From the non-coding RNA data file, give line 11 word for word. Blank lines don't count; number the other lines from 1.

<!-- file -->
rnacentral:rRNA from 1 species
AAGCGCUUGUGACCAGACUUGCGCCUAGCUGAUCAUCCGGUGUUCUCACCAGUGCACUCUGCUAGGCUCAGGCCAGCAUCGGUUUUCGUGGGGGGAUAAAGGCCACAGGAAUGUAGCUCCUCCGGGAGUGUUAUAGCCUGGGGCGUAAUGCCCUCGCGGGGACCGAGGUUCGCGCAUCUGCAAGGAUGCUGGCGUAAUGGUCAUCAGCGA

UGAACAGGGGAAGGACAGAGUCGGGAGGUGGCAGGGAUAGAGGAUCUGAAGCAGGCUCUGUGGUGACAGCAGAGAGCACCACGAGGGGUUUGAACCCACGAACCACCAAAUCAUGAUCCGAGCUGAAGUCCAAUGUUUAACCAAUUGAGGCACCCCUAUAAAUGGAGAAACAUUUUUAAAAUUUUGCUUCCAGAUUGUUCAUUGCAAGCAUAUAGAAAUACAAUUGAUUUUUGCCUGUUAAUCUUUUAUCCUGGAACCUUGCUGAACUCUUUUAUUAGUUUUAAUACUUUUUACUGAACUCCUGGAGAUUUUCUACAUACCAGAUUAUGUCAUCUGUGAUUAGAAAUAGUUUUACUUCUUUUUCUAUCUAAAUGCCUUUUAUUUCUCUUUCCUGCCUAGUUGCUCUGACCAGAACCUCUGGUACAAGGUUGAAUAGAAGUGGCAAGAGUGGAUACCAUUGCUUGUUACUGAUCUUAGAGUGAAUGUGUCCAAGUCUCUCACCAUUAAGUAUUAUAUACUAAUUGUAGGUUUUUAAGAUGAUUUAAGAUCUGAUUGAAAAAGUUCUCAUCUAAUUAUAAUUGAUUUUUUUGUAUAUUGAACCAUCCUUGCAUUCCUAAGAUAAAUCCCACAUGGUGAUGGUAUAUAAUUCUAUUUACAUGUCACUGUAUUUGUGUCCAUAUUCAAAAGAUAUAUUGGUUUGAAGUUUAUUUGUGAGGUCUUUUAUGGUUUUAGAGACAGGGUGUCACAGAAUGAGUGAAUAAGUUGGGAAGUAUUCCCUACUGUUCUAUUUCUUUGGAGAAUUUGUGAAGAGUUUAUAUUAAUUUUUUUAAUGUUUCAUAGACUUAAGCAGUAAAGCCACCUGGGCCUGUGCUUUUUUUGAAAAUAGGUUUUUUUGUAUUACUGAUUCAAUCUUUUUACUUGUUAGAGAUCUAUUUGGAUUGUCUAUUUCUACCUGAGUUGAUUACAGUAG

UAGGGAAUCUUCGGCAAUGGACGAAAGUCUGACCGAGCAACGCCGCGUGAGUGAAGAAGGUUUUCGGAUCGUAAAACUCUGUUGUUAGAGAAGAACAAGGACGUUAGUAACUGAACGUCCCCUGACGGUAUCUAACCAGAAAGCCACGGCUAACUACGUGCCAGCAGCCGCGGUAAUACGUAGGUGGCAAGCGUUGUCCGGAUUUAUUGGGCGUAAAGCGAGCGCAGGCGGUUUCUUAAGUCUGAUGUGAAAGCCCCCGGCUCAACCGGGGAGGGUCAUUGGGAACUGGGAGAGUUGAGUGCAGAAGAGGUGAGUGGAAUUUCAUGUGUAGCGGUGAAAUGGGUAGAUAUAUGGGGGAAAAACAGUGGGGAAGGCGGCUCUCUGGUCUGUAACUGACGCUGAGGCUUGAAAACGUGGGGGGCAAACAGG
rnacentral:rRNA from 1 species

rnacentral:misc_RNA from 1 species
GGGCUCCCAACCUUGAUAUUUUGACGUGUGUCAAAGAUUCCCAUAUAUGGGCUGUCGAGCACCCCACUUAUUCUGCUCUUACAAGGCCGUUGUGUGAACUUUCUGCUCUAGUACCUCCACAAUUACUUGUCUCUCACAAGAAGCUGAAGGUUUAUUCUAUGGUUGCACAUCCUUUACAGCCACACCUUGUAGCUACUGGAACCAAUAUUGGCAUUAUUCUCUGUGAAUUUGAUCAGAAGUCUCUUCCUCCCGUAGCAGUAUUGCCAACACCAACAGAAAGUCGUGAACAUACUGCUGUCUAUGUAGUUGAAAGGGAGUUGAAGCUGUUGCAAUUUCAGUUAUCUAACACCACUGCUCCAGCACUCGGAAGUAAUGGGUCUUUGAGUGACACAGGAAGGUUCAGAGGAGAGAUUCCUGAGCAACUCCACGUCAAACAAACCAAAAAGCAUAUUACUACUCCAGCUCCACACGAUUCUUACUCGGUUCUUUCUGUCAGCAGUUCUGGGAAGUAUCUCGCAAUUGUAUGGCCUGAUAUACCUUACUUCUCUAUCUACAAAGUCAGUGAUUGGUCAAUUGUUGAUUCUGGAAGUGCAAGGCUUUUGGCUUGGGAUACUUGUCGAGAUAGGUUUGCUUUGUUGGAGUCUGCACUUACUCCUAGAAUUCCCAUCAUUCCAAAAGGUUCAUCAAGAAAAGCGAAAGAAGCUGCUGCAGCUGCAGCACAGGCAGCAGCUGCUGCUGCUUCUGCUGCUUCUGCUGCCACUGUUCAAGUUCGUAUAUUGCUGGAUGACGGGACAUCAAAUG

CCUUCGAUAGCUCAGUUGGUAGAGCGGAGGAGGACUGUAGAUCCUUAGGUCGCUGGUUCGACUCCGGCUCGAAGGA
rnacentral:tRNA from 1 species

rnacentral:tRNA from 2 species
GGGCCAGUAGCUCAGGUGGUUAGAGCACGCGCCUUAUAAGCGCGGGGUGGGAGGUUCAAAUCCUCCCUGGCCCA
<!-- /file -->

GGGCCAGUAGCUCAGGUGGUUAGAGCACGCGCCUUAUAAGCGCGGGGUGGGAGGUUCAAAUCCUCCCUGGCCCA